Sermons

Seekers recognizes that any member of the community may be called upon by God to give us the Word. Our Guidelines for Preaching help us prepare sermons. This section collects for study and reflection drafts of sermons that happen to have been prepared in electronic form. The most recent sermon is on the top of the page.

Kate Cudlipp: Our Famlies, Our Faith

August 1995

One can hardly open the newspaper or listen to television news without being bombarded with questions about the status of families. And certainly each person’s own story can hardly be told without reference to family. Deborah — in a sermon two weeks ago — talked movingly of her father and the influence of his life on hers; David preached in June In Praise of Fatherhood. Marjory in July told us of someone who was not a family member by blood but who was a spiritual mother to her.

 

Ronald Arms: The Breath of Summer, Minding the Moment

July 30, 1995

Most of my life I have paid little attention to my breathing. The notion that minding my breath might put me in touch with the Holy Spirit surprises me. On the one hand, it seems too simple to be true. On the other, I have not received much useful advice on how to work with breath. It is curious then that in the past several weeks, three very specific and interesting suggestions on breathing caught my attention.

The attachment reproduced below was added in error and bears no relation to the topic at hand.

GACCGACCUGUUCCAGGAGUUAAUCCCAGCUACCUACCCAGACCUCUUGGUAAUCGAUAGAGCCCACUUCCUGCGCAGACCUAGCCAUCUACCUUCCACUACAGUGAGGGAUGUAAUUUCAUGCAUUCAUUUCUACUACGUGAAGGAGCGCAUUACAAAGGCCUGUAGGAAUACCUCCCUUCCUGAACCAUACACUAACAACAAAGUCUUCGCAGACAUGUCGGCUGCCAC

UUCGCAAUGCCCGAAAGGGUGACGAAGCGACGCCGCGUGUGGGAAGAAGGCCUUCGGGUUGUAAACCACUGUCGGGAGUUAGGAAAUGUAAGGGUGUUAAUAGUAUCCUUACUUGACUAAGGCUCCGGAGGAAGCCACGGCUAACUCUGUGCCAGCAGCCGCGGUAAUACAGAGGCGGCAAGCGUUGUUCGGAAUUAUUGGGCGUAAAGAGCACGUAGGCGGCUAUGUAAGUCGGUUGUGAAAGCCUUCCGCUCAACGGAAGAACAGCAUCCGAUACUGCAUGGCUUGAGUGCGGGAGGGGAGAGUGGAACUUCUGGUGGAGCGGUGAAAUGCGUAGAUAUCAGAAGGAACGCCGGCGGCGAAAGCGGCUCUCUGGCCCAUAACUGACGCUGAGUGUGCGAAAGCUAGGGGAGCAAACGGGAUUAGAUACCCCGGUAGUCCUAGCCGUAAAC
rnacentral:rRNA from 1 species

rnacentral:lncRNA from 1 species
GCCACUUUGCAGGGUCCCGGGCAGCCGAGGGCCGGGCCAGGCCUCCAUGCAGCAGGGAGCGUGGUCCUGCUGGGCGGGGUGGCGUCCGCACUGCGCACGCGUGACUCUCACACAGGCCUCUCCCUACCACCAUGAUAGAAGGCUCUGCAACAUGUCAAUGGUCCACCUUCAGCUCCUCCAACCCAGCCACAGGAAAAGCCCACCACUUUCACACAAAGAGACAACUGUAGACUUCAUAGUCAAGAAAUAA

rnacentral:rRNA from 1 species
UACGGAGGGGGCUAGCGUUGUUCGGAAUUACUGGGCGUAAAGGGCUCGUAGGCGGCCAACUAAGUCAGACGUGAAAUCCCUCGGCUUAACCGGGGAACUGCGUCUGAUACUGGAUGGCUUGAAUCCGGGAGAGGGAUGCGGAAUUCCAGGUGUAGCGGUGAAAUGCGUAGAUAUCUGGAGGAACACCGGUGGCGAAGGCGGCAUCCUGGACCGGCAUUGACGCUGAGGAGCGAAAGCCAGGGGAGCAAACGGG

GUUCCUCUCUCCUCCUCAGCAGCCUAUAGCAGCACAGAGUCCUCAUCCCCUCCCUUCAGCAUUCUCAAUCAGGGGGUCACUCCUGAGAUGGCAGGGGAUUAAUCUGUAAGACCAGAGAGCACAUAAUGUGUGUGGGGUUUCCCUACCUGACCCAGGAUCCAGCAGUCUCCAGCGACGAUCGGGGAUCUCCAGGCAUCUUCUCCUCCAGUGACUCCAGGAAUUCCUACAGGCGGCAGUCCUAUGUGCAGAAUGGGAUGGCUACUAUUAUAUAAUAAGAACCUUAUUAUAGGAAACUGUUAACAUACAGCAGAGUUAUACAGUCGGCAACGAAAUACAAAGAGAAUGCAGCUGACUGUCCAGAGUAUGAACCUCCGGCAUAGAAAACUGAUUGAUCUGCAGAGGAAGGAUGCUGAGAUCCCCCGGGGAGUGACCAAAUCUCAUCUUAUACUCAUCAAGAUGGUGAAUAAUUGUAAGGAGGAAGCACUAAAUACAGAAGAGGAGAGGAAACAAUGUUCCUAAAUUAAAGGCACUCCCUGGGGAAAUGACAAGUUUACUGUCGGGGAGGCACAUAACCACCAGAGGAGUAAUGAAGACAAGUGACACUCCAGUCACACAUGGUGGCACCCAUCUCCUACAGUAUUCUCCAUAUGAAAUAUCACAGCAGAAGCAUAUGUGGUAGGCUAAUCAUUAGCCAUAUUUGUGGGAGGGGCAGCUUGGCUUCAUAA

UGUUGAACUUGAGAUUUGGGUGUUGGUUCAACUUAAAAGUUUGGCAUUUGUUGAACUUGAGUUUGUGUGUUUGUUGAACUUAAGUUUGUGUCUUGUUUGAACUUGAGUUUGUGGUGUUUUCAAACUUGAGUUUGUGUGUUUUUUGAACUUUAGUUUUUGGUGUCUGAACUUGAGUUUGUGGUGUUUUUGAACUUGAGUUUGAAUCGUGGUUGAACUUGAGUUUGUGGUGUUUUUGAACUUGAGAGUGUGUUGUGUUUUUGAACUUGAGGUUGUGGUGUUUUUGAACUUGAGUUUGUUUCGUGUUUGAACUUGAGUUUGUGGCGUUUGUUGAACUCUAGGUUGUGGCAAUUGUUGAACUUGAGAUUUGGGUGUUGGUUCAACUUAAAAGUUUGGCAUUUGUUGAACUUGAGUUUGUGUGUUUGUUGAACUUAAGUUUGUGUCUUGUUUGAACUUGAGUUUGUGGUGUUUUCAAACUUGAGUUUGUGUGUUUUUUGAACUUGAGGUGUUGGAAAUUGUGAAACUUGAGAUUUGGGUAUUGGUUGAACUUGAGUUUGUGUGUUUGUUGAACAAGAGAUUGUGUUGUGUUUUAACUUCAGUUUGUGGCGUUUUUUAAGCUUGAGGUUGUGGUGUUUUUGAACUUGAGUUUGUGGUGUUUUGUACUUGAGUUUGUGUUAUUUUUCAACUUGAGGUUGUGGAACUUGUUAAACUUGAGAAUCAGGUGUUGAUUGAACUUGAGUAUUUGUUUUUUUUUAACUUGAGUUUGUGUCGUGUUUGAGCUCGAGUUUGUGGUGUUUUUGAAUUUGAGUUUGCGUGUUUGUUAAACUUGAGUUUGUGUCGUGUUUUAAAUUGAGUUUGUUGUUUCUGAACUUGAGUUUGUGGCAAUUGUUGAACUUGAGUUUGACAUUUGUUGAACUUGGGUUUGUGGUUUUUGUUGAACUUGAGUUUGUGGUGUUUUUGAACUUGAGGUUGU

Pat Conover: Distinction and Inclusion

July 16, 1995

Perhaps the most radical instruction in this story is for the disciples to eat whatever is put before them. There is more at stake here than good manners and good nutrition. In keeping with other assaults by Jesus on the purity codes of Judaism, Jesus is telling his disciples not to worry about keeping the rules.

 

Deborah Sokolove: Tending the Wellspring

March 19, 1995

When I signed up to preach this Sunday, I was deep into creating the Lenten Cloth for the chapel at Wesley Theological Seminary, which several of you have now seen. It was still Epiphany, but because of my concentration and meditation on this artwork, I felt like I was already in Lent. My mood was dark; I was alternately tearful and angry; I was feeling lonely, forgotten, invisible. I wanted to preach, then, about… what? Something… Yes, it was very important… But as this third Sunday in Lent came ever closer, the issue that had preoccupied me began to evaporate, and what was so desperately important then, had become so unimportant that I had even forgotten what it was.

 

Ken Burton: Radiance

February 26, 1995

The two most important recent influences on my spiritual development have been Quakerism (I was a member of a Friends meeting until about a year ago) and the analytical psychology of Carl Jung and those that have followed him. In asking Celebration Circle for the opportunity to speak out of the silence, I stand firmly in both of these traditions.